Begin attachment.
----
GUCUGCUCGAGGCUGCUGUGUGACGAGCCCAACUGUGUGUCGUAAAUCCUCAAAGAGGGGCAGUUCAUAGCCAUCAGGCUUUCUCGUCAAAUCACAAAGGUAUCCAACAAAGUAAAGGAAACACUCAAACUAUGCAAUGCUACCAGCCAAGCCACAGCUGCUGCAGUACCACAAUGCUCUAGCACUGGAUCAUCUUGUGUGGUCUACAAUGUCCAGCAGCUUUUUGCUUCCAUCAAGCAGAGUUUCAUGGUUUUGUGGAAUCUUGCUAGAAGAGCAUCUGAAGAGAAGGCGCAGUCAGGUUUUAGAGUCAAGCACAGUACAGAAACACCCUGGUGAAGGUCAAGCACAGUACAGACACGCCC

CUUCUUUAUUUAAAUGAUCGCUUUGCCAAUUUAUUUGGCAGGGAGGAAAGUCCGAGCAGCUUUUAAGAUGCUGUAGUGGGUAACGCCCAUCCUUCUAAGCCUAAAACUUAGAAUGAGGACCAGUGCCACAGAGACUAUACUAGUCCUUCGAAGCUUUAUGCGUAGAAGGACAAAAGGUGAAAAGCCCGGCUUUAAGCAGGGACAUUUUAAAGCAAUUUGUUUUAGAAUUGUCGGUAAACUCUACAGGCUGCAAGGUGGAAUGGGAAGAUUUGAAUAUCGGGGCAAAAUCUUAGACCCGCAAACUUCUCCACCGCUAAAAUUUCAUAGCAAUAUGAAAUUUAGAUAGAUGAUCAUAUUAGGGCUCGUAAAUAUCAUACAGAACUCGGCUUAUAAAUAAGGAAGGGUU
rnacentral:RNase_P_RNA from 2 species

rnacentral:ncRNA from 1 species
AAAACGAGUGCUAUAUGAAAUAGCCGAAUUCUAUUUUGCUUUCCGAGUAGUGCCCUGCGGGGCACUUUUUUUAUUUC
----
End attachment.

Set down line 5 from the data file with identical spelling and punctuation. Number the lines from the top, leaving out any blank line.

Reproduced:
AAAACGAGUGCUAUAUGAAAUAGCCGAAUUCUAUUUUGCUUUCCGAGUAGUGCCCUGCGGGGCACUUUUUUUAUUUC